As Plattsburgh State baseball’s senior pitcher Mike Vargues jogs around the bases after hitting a home run off sophomore Luis Pepen Matos during a scrimmage April 8, junior catcher Alex Rodriguez stands up from behind the plate and gives Pepen Matos advice in Spanish.
“Being in the North Country, you don’t get too many people that speak Spanish,” assistant coach Brian Burns said.
Rodriguez was born in Carolina, Puerto Rico. There, he grew up in the barrios — a word meaning neighborhood or ward. However, the word has another meaning in Latin American countries: the slums.
“As a kid living in Puerto Rico, living in a place like that, you see everything,” Rodriguez said.To view more of our videos, visit our Multimedia page.It was hard for him to concentrate on baseball and school. When his family finally moved from Carolina to Rio Piedras, his concentration improved. He was able to focus on what he really wanted to do — play baseball.
Rodriguez found interest in baseball after his father, Miguel Rodriguez, taught him how to play.
“My dad is one of my biggest influences in my life,” Rodriguez said.
“I’m always listening to him. He played the game before me. Not even just the game, but actual life.”
With baseball on his mind, in hopes of becoming a professional player, Rodriguez’s next sight would be America.
In August 2012, people from Georgia came to Puerto Rico to do a tryout for a baseball academy.
Rodriguez was chosen, leaving behind a job and a chance to play baseball at a university in Puerto Rico.
When he went to Georgia, he found out the academy wanted to start a baseball program with the players from different countries.
“We had a really, really hard time over there,” Rodriguez said. “It was extremely bad. I don’t even find a word on how they were treating us.”
The players didn’t even have uniforms or a baseball field to practice on because the head of the academy was not expecting so many players to come.
They practiced on a football field. On the very same field, there was a football academy happening at the same time.
The football coaches and players were yelling at players during practice.
Many players quit, but Rodriguez did not. Something in his mind kept telling him that if he continued to work hard here, he would get into a good school or possibly drafted.
It wasn’t until a fight almost broke out between the football and baseball players that Rodriguez decided to leave.
“It’s one of those things that make me, not the player, but the person that I am right now,” Rodriguez said.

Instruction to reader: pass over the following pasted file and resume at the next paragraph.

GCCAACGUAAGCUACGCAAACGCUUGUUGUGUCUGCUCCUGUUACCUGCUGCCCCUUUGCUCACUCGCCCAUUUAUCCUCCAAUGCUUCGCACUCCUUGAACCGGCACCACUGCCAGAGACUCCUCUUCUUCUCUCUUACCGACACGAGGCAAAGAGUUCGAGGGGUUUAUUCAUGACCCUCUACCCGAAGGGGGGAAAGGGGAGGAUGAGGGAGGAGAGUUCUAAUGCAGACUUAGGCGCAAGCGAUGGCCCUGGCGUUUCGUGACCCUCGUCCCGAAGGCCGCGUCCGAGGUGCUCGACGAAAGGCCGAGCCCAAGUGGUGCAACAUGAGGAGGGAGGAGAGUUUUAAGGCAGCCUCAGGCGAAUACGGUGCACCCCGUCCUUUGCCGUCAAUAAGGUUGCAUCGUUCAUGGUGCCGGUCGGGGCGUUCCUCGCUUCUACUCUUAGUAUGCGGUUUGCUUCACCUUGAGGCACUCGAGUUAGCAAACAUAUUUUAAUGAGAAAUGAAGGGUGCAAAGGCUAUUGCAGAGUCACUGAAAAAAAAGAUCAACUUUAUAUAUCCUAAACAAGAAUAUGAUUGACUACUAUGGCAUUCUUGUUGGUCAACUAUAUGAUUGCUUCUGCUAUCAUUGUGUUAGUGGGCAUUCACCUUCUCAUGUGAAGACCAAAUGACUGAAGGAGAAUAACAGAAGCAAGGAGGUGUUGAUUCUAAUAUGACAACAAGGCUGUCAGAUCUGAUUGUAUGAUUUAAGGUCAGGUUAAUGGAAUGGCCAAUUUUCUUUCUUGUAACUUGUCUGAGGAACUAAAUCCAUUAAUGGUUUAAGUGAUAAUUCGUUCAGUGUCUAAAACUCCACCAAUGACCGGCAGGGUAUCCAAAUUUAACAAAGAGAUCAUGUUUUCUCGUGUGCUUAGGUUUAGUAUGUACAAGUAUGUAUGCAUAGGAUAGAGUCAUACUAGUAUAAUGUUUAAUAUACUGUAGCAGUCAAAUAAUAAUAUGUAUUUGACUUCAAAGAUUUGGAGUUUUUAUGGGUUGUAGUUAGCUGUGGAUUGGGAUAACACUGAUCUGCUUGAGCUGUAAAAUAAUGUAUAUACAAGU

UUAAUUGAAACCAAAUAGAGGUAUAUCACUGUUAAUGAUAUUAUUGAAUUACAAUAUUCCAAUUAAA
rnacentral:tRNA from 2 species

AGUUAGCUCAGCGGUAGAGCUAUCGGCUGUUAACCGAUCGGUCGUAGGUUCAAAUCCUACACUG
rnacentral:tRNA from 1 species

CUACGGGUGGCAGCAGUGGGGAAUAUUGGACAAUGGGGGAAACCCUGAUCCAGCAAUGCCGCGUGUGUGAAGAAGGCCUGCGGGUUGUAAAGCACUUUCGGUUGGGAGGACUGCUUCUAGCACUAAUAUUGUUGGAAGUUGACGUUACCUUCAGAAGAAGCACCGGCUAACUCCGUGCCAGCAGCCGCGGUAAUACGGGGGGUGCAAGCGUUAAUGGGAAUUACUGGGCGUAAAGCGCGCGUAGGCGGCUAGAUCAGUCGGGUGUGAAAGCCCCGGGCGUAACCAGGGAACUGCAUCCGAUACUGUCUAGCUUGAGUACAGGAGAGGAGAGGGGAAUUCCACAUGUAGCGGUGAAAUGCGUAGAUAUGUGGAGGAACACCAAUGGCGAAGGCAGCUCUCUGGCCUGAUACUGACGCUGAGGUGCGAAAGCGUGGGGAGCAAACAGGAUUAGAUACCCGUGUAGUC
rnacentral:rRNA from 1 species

After leaving the academy, Rodriguez traveled to Maryland to attend Prince George Community College, where he played catcher for two years. He was even able to play in the National Junior College Athletic Association Division III College World Series in spring 2014.
It was almost like a dream come true for him.
People were asking for autographs, taking photos of the team and he was playing in front of a packed stadium.
Once he graduated, Burns discovered Rodriguez while working at a baseball training center during the summer.
“He filmed his recruiting tape there and someone asked if we needed a catcher,” Burns said. “I watched his recruiting film, I called him a couple of times, spoke to him while he was in Puerto Rico. Luckily enough, I was able to get him here.”
The impact he has made on the team was felt immediately.
“He’s happy-go-lucky, he’s always smiling and rarely do you see him upset,” Burns said.
Rodriguez and his best friend and teammate, Fumiya Nakano, are similar people.
Both are from countries where baseball is popular, speak two different languages and have different cultures. They even have the same major.
They’re always speaking to each other in their native language, sometimes even through text.
“He’s always teaching me Japanese and he’s always trying to speak Spanish, too,” Rodriguez said.
He wants to keep learning more.
Rodriguez would love to learn another language. Every time he hears someone speak a new language, he tries to pick up what they are saying. He is still learning English, and when he first began learning it, he thought it was impossible.
“Sometimes I feel like I was going to quit because I didn’t understand the classes,” Rodriguez said.
He sometimes thought that if he said something wrong in English, people would make fun of him.
“Every time when I go out to a restaurant, if there’s something I don’t know how to say it, I don’t order it because I don’t want to sound like I don’t know,” Rodriguez said.
But Rodriguez never quits. He wants to continue learning English to have a job in the future.
His next goal is Portuguese.
“We’ll see,” Rodriguez said. “Who knows if I can speak Japanese in a couple of years?”
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